Carcinoma of the Lung

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Carcinoma of the lung is the most common cause of death from neoplasia in industrialized nations.
Once mainly a disease of males it is now increasingly common in females.
The peak incidence is between the ages of 40 and 70 years, reflecting cumulative exposure to several
potential causative carcinogens.

There are four main histological types of lung cancer.
The four main histological types of carcinoma of the lung are squamous cell carcinoma (50%),
small-cell anaplastic carcinoma (oat-cell carcinoma) (20%), adenocarcinoma (including bronchioloalveolar carcinoma) (20%), and large-cell anaplastic carcinoma (10%).
Because of differences in natural history and response to treatment, many clinicians group tumours into either small-cell lung carcinoma (SCLC) or non-small-cell lung cancers (NSCLC).

A small proportion of tumours may show a mixed pattern of differentiation, particularly mixed adenocarcinoma/squamous carcinoma.
70% of all tumours arise in relation to the main bronchi (central or hilar tumours).
30% of lung cancers arise from peripheral airways or alveoli (peripheral tumours).
Central carcinomas of the lung appear as friable white masses of tissue, which extend into the lumen of bronchi and invade into adjacent lung.
Peripheral carcinoma of the lung appear as ill-defined masses, often occurring in relation to scars, and frequently extend to the pleural surface.

Squamous cell carcinoma is the most common type of cancer of the bronchus.

Squamous cell carcinomas are believed to be derived from metaplastic squamous epithelium,
which develops to line the main bronchi as the result of exposure to agents such as cigarette smoke.
Tumours, which are most common in males, are usually central and close to the carina, frequently
presenting with features related to bronchial obstruction. Compared with other types, they
are relatively slow growing and may be resectable.
Squamous cell carcinoma of the lung shows a range of differentiation from well-differentiated
lesions producing lots of keratin, through to lesions with only a few keratin-producing cells.
Adenocarcinoma of the lung is usually a peripheral tumour
Adenocarcinomas have an equal sex incidence and are not as closely linked with cigarette
smoking as other types. They characteristically develop as a peripheral tumour, although they
may also occur as a central lesion arising from a main bronchus. A proportion of adenocarcinomas
are thought to originate in areas of pre-existing lung scarring (scar cancers).
There are four main histological patterns: acinar (gland-like spaces),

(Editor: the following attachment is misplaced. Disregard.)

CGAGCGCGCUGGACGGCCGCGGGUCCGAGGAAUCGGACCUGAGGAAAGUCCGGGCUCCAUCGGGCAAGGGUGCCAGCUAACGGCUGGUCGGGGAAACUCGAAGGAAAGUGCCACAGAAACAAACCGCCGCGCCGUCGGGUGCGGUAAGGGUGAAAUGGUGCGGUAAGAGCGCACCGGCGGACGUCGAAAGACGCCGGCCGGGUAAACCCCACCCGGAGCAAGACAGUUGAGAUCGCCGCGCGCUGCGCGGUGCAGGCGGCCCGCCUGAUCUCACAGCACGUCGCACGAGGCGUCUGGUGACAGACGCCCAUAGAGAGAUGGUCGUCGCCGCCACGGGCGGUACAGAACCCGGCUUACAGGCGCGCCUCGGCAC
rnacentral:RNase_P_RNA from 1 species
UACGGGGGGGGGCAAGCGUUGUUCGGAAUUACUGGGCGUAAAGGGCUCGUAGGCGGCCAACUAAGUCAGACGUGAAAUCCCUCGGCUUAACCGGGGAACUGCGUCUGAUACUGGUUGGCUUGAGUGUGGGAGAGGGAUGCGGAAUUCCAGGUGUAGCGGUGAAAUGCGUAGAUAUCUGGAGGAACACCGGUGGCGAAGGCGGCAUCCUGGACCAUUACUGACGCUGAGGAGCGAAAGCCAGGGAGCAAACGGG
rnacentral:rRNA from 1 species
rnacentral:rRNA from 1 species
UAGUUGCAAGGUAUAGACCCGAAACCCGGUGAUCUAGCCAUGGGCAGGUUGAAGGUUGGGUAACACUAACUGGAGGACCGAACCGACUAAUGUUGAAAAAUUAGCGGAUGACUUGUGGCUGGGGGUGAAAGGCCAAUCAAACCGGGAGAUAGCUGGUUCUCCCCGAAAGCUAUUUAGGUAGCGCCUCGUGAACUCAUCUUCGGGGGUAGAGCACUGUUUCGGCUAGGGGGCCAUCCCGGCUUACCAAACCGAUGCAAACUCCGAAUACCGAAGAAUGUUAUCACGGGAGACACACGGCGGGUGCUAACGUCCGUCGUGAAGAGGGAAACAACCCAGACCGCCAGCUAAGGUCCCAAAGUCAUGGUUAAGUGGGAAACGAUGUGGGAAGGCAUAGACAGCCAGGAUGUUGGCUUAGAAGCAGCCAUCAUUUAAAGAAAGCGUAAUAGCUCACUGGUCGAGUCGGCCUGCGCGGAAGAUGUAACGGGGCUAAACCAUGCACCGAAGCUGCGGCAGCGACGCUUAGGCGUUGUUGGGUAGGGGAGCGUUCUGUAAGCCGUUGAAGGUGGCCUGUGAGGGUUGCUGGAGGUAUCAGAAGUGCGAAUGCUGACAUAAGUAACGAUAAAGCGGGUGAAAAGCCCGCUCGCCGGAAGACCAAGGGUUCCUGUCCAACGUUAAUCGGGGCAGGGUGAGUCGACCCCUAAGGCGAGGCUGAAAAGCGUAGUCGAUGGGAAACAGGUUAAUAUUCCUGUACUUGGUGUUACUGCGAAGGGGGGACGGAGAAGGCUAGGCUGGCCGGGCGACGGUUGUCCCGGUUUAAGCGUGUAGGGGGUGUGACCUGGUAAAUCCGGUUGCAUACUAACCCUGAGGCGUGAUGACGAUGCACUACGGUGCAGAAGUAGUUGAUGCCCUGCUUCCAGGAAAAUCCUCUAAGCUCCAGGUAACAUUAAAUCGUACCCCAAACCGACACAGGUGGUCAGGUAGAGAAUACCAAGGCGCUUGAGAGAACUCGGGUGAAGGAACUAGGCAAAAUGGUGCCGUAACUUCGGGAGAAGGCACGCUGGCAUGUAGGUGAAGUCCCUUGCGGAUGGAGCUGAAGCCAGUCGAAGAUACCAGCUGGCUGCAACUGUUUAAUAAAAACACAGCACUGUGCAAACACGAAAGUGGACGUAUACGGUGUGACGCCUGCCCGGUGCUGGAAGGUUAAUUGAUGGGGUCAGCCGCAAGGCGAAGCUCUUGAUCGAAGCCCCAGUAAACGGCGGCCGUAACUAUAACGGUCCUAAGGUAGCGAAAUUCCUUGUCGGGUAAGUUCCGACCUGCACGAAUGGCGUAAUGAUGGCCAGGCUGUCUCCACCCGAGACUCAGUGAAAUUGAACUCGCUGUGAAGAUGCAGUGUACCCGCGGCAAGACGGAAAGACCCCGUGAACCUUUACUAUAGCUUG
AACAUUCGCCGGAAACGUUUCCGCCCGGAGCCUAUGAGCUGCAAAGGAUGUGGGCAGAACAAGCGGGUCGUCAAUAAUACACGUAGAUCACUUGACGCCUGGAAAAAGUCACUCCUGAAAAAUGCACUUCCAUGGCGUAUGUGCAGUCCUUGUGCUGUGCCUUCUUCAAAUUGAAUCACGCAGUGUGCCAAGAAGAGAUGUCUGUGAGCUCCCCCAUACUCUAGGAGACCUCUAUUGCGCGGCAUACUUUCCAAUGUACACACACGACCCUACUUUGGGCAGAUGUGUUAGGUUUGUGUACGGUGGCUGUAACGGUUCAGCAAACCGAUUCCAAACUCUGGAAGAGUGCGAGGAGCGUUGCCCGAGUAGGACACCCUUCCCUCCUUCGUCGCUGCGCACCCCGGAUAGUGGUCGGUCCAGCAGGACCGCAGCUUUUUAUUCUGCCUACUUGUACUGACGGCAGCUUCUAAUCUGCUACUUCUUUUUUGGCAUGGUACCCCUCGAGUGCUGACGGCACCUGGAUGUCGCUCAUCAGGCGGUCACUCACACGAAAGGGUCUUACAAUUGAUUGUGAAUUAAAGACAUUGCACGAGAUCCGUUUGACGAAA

papillary (fronds of tumour on thin septa), solid carcinoma with mucin production}
(poorly differentiated lesions), and bronchioloalveolar.
Most tumours do not produce signs of airways obstruction because of their peripheral location.
It is not unusual for extremely extensive systemic metastatic tumour to have originated from a very
small peripheral adenocarcinoma of the lung.

Bronchioloalveolar carcinoma is a special type of adenocarcinoma

Bronchioloalveolar carcinoma of the lung is a special type of adenocarcinoma, accounting
for about 5% of all cases and derived from alveolar or bronchial epithelial cells (Clara
cells and Type II pneumocytes). A distinct histological feature is spread through lung
along alveolar septa.
Half of all cases are multifocal diffuse infiltrative tumours, which replace areas of
lung in a manner resembling pneumonic consolidation.
Cells are tall, columnar and relatively uniform, have few mitoses and secrete mucin.
The remaining half are single, grey masses of tumour, up to 10 cm in diameter. Cells are cuboidal,
with hyperchromatic nuclei and mitoses, and form papillary structures. There is often no mucin
secretion. In the absence of metastasis, this sub-type has a better prognosis than other
forms of lung cancer.
Small-cell anaplastic carcinoma is the most highly malignant of lung cancers
Small-cell anaplastic lung cancer (also called oat-cell carcinoma
because the cell nuclei histologically resemble oat grains) is a highly malignant
condition. Tumours arise from bronchial epithelium, but exhibit differentiation into
neuroendocrine cells containing neurosecretory granules.
Tumours are usually centrally located and are associated with a rapid rate of growth,
relative to other forms of lung cancer. It is usual for metastases to be present at
the time of diagnosis. Because of the neuroendocrine type, this form of cancer is often associated
with ectopic hormone production.

This type of carcinoma shows neuroendocrine differentiation. Cells are round to oval
and have little cytoplasm; in certain situations there can be diagnostic confusion with a tumour
of lymphoid cells. Other types have elongated nuclei and more cytoplasm (intermediate cell variant).
Tissue diagnosis of lung cancer.
The natural history of lung cancer allows no opportunity for screening

Lung cancer spreads by four main routes
Lung cancer frequently causes non-metastatic extrapulmonary syndromes
Systemic syndromes associated with non-metastatic effects are common in lung cancer and may be
a presenting feature of disease.
Endocrine disturbances, seen in 12% of patients with lung cancer, are nearly all associated with